Chris Stone was admitted to the Bar of the District Columbia, USA, in 1982, having completed his Juris Doctorate that year at the Yale Law School. He has specialized in comparative criminal procedure worldwide, in the establishment and improvement of prosecuting authorities and institutions for the defense of the indigent, and in the regulation of police powers and police organizations. He is former president of the Open Society Foundations (2012-2017), Guggenheim Professor of the Practice of Criminal Justice at the Harvard Kennedy School (2005-2012), and director of the Vera Institute of Justice (1994-2004). He is currently Senior Research Scholar (adjunct) at Columbia University, School of International and Public Affairs, and visiting researcher at the Bonavero Institute of Human Rights, Faculty of Law, University of Oxford.
He has assisted in the construction and reform of local, national, and international prosecuting services worldwide. From 1986 to 1988 he designed and managed a series of pilot projects as part of the launch of the Crown Prosecution Service in England and Wales, and thereafter assisted with the creation of the National Prosecuting Authority of South Africa, the Ministerio Publico of Chile, and the Office of the Prosecutor of the International Criminal Court. In addition, he is currently researching the work of several “reform prosecutors” elected as District Attorneys and State’s Attorneys in the United States.
Chris maintains his long-standing commitment to the improvement of police practices, especially in urban communities. He chaired the Executive Session on Policing and Public Safety for the United States Department of Justice at the Harvard Kennedy School (2006-2011) and co-authored “Toward a New Professionalism in Policing” for the U.S. National Institute of Justice, with Jeremy Travis, https://www.ncjrs.gov/pdffiles1/nij/232359.pdf. He led the training of future chief officers of police on the elimination of racial profiling for the Police Executive Research Forum from 2007 to 2011. He led the research on the improvement of the Los Angeles Police Department under a Consent Decree settling the U.S. Justice Department’s allegations of a pattern and practice of unconstitutional policing. He also chaired the Task Force appointed by the Governor of New York State on Police-on-Police Shootings (2009-10), occasioned by the fatal shootings of two black police officers by white police officers in separate incidents in New York State.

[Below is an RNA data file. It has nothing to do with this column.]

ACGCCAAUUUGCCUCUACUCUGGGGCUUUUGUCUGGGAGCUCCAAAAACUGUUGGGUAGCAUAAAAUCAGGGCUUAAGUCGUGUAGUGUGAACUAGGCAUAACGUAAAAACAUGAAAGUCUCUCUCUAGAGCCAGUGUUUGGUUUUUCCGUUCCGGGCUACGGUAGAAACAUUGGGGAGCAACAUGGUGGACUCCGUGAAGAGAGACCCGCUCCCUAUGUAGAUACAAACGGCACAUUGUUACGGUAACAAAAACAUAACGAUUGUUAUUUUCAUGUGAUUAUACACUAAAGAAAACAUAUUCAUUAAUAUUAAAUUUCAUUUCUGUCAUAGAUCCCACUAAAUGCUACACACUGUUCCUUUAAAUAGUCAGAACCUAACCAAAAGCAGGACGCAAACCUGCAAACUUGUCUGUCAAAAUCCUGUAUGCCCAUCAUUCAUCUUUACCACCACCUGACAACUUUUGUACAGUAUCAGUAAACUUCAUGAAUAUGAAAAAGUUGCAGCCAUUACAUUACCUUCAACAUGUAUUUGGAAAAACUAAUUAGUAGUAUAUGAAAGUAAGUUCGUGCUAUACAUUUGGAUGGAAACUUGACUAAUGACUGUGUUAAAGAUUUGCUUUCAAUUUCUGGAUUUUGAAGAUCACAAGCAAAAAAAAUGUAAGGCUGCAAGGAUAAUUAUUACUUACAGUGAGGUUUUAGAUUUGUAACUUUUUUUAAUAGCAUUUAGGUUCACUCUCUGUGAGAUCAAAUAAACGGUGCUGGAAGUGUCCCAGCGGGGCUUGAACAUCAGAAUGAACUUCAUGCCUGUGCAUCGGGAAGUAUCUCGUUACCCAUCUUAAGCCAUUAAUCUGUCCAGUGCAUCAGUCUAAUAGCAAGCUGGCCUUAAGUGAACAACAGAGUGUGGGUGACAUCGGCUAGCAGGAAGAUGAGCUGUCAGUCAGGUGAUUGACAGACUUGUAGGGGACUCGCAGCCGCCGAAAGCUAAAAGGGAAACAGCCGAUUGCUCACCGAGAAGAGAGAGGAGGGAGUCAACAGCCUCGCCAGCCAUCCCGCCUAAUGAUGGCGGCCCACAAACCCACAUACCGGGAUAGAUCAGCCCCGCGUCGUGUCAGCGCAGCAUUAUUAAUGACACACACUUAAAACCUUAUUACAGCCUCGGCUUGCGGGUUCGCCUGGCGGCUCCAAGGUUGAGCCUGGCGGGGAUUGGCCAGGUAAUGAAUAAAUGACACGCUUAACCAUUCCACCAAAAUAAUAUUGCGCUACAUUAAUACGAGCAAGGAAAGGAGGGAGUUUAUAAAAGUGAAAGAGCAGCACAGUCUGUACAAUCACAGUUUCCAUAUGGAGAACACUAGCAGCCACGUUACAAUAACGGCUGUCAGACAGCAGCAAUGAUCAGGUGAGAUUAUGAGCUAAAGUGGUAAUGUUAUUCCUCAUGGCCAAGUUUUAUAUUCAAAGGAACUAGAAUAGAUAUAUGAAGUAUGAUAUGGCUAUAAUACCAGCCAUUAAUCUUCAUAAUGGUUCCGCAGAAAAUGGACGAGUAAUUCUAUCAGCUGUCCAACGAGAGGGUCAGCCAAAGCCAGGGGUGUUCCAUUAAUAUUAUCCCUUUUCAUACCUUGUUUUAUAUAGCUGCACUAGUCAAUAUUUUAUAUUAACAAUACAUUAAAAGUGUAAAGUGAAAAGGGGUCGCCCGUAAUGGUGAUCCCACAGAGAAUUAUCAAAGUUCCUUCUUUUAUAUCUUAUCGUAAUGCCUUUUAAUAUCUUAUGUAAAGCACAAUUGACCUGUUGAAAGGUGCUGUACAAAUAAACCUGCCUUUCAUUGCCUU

Chris also has a long-standing interest in the development of legal institutions in low-income and middle-income countries, having worked collaboratively with police, prosecutors, and judicial leaders in Brazil, China, India, Nigeria, Russia, and Turkey on issues including the recording of custodial interrogation, plea bargaining, and the reduction and elimination of death sentences. Chris has also contributed to justice-sector and security-sector reform at the World Bank, the UK Department for International Development, and the Center for International Development at Harvard University. He served as the founding chair of the Altus Global Alliance from 2003 to 2008, uniting six research and innovation institutions on five continents working on police and justice-sector reform.
In addition, Chris has taught and advised on the leadership of public institutions and civil society organizations worldwide. He served as faculty director of the Hauser Center for Non-profit Organizations at Harvard University from 2008 to 2012, and has taught numerous courses and workshops on leadership and governance in these sectors as well as on the design and leadership of philanthropies.
He may act as an independent investigator, expert witness, mediator, arbitrator and monitor and as an advisor on compliance programmes. He will lecture, design curriculum, and facilitate discussion groups on issues of policing, prosecution, sentencing, criminal procedure, anti-corruption, human rights, and related criminal and civil controversies arising worldwide.